Just as I did last year at this time, I have been reflecting on the food stories that made the news headlines throughout 2011. Once again, they make me more committed than ever to supporting a safe and sustainable food system by supporting our small, local farmers and food producers.
Here’s a sampling of some of the top stories of this year:
Just as it was last year, food safety, more specifically, food recalls were some of the year’s top stories. According to the Associated Press, food safety is an even bigger concern to most Americans than food cost is. As was the case in 2010, there were several large food recalls, the largest being the Rocky Ford cantaloupe recall in September. The listeria outbreak from these Colorado melons resulted in 30 deaths and infected 146 people across 28 states. According to the CDC (Centers for Disease Control), this was the second worst case of food-borne illness since it began keeping track of such illnesses in the 1970s.
Another large recall involved 36 million pounds of Cargill’s, multi-drug resistant salmonella ground turkey, making it the largest-ever Class I meat recall in the United States.
Something that might one day make these types of stories less common is a landmark food safety piece of legislation that also tops the list. It was also on the list last year because many consider it one of the biggest food stories in decades. This is the FDA Food Safety Modernization Act that was officially signed into law by President on January 4, 2011. The Act finally gives the FDA the powers that everybody thought they already had; the authority to recall certain tainted foods, and requires the FDA to create new regulations for fruits and vegetables, and provides new regulations for food facilities, grocery stores and farms.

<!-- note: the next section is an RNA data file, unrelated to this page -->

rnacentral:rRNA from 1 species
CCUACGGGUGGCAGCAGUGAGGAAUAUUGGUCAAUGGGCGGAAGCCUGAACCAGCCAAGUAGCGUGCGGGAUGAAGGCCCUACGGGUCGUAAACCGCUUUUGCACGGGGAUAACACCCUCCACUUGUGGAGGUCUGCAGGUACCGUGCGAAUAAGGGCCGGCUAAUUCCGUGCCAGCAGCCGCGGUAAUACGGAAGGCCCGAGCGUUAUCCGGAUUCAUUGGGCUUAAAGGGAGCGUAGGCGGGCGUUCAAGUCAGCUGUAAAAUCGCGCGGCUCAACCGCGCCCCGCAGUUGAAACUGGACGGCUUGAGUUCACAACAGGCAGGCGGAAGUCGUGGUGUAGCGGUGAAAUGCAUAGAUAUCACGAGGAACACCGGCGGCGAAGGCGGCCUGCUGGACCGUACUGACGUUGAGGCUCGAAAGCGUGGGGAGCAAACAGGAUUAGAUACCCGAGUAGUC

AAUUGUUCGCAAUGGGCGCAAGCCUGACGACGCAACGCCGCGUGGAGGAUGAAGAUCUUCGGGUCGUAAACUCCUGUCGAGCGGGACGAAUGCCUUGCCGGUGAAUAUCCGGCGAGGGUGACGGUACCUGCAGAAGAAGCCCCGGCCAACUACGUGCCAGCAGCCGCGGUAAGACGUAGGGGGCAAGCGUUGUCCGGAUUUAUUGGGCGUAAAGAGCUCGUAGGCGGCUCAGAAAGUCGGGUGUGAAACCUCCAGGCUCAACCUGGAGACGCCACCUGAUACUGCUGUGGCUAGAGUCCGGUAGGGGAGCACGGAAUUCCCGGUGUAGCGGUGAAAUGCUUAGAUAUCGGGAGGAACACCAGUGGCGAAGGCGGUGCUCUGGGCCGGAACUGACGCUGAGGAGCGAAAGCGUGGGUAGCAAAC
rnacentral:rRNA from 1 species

As predicted, the bill does create some issues for small farmers who are finding it hard to follow the new rules in the “Good Agricultural Practices” portion of the bill and who are seeking out answers and help in navigating through the legislation.
First Lady Michelle Obama is on the list again this year for her work alongside the USDA in introducing the USDA’s “My Plate” guide to healthy eating. It replaces the often-confusing food pyramid with its mandates to eat “5 a Day.” The basic guidelines under “My Plate” are to make half of each meal fruits and vegetables, and the other half lean proteins and grains. This is part of the First Lady’s Let’s Move initiative, designed to reduce childhood obesity.